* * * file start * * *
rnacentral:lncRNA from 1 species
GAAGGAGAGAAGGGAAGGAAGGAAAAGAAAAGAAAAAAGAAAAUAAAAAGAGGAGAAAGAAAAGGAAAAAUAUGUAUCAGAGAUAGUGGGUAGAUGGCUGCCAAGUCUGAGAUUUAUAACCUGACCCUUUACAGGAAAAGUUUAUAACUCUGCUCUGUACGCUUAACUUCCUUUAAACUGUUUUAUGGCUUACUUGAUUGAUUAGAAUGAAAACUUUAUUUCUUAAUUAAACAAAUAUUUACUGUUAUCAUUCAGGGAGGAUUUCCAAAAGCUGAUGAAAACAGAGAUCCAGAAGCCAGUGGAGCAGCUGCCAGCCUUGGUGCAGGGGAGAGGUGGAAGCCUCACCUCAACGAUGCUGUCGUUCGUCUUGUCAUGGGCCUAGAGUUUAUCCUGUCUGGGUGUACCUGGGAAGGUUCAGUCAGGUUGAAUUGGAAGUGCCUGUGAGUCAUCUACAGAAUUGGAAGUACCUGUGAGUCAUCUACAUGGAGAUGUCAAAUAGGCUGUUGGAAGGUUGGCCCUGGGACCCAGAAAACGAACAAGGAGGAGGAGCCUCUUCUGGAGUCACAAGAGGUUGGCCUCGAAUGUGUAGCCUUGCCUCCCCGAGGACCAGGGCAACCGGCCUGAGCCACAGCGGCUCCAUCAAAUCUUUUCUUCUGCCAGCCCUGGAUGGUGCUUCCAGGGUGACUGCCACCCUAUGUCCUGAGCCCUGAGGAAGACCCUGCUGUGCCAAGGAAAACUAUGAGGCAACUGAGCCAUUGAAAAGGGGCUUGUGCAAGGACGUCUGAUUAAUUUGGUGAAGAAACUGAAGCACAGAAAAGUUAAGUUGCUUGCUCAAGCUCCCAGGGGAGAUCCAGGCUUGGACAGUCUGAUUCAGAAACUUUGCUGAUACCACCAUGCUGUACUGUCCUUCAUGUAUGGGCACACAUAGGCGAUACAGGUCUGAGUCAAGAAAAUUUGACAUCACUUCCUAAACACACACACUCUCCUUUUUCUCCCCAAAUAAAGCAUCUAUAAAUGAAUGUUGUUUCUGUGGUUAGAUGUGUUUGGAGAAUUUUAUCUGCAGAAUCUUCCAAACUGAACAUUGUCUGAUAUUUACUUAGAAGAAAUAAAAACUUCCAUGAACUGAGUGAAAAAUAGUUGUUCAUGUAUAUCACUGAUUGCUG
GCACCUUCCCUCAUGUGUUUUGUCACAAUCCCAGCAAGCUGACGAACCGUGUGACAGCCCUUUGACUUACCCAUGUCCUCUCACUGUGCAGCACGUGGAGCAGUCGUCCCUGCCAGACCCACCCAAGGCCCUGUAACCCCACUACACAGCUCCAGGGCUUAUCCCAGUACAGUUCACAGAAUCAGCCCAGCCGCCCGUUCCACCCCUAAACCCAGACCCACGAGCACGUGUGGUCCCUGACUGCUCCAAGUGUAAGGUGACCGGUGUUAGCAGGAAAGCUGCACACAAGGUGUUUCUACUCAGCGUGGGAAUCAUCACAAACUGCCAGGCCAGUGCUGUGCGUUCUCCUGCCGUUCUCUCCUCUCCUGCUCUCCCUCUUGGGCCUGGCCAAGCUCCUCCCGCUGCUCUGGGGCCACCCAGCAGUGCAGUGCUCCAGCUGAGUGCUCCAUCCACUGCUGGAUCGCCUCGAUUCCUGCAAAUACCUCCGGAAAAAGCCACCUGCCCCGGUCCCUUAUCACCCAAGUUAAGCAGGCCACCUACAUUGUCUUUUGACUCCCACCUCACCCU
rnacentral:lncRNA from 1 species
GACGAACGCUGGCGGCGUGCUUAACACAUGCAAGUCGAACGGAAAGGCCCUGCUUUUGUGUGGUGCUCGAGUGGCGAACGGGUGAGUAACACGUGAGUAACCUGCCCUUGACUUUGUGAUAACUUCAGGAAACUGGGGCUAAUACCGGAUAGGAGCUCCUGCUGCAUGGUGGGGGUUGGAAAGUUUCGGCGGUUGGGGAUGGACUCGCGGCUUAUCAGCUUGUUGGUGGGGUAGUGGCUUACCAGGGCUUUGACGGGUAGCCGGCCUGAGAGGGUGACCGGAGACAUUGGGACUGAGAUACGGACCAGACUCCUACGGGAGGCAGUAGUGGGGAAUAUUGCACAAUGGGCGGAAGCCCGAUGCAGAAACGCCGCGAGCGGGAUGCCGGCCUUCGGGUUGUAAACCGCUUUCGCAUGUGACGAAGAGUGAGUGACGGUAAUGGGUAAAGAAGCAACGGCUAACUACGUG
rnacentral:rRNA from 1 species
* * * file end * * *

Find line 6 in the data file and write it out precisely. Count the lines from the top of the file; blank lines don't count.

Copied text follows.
rnacentral:rRNA from 1 species